Try not to worry, I'm sure she will be fine! Just do what you can to work with her throughout the day (but make it fun so she doesn't feel like she's working). Good luck!

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answers from Charlotte on

Hi Kate. What is so great is that you actually have been working on finding out what is "off" here, and you have evaluations that point to sensory issues. That means you can start working with an OT to help her. OT is fun and interesting, and she will enjoy it. The OT will give you fun exercises to do at home as well. There should be brushing involved.

Mild fine motor delay and low upper body muscle tone can be worked on pretty easily. And since she is so young, it is easier to work through. Make sure your OT has experience with sensory integration disorder (it is a graduate level study and specialized, so don't just assume that your OT knows how to work on it), and go ahead and start the work.

My son had a lot of sensory issues. I was so grateful to his speech therapist because she saw the problems and asked us to have him evaluated. To her surprise, nothing showed up on the eval. She went and talked to the OT and asked her to work with him ANYWAY because she knew that something other than his speech was wrong. The OT trusted her colleague, and after working with him for one session, the OT came to me and apologized, saying that he indeed had problems, and he needed some help. I daresay that this experience changed the way she did her evaluations.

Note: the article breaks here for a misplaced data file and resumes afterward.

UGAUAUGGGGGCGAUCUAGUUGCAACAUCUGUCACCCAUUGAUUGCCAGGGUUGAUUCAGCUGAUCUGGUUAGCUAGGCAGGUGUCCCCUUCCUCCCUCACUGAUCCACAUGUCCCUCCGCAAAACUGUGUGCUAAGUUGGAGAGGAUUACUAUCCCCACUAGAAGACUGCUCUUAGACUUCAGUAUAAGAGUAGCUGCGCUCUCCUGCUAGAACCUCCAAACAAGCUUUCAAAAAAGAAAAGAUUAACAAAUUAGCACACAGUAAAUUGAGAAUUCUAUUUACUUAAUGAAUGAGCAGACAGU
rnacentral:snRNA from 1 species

OT helped him a great deal. I later found another OT who specialized in working with children who needed help with handwriting, because my son had a weakness in his writing hand. I used her for group lessons, and it also helped him learn his alphabet. She would give the kids a break in another room and have them do some fun stuff, which was actually sensory work. Smart lady, knowing that a lot of these kids with problems writing actually had sensory issues!

I have always been so thankful for the OT my son had. He is 16 now, and occasionally asks me to massage his hands - he knows he needs something. I have considered finding an OT to talk to him about how to meet his own sensory needs at this point.